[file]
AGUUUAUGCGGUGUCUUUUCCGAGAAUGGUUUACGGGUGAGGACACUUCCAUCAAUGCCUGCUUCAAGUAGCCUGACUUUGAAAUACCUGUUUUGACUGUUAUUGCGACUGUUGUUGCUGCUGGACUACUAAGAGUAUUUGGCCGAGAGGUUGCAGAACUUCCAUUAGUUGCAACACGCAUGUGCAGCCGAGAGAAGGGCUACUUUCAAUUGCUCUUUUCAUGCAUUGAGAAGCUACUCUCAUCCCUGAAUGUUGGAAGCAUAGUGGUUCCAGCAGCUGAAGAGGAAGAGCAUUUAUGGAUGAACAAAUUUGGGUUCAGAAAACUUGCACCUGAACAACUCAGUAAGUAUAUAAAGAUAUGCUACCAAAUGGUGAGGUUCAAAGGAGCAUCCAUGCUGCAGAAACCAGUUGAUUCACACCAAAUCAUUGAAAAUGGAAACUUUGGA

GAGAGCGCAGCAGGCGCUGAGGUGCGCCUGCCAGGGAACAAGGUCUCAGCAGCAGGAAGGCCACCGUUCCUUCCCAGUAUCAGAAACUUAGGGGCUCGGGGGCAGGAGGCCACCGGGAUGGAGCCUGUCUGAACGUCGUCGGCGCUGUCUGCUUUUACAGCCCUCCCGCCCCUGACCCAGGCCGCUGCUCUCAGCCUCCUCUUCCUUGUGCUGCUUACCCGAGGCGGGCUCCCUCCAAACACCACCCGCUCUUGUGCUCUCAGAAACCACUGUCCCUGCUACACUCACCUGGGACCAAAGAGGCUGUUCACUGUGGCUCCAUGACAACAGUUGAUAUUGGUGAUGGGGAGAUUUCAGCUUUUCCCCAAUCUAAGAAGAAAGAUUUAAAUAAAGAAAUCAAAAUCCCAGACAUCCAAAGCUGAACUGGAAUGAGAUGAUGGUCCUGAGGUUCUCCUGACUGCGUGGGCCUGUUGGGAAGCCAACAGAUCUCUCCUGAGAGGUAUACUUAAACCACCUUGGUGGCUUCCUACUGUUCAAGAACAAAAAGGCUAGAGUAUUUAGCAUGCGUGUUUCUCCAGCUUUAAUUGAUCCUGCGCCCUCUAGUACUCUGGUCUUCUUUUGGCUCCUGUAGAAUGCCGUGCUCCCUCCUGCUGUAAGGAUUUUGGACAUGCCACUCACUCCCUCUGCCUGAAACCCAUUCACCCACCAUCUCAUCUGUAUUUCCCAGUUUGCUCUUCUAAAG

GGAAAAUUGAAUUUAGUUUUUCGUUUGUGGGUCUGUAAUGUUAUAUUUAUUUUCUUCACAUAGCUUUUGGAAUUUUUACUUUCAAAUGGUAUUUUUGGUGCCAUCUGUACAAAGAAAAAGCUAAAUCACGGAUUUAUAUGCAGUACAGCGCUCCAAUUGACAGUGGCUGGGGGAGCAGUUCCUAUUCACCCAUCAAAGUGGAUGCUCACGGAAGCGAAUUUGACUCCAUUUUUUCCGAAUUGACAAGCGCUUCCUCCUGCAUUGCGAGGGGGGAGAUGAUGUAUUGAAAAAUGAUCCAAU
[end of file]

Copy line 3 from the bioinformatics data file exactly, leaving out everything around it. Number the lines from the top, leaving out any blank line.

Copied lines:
GGAAAAUUGAAUUUAGUUUUUCGUUUGUGGGUCUGUAAUGUUAUAUUUAUUUUCUUCACAUAGCUUUUGGAAUUUUUACUUUCAAAUGGUAUUUUUGGUGCCAUCUGUACAAAGAAAAAGCUAAAUCACGGAUUUAUAUGCAGUACAGCGCUCCAAUUGACAGUGGCUGGGGGAGCAGUUCCUAUUCACCCAUCAAAGUGGAUGCUCACGGAAGCGAAUUUGACUCCAUUUUUUCCGAAUUGACAAGCGCUUCCUCCUGCAUUGCGAGGGGGGAGAUGAUGUAUUGAAAAAUGAUCCAAU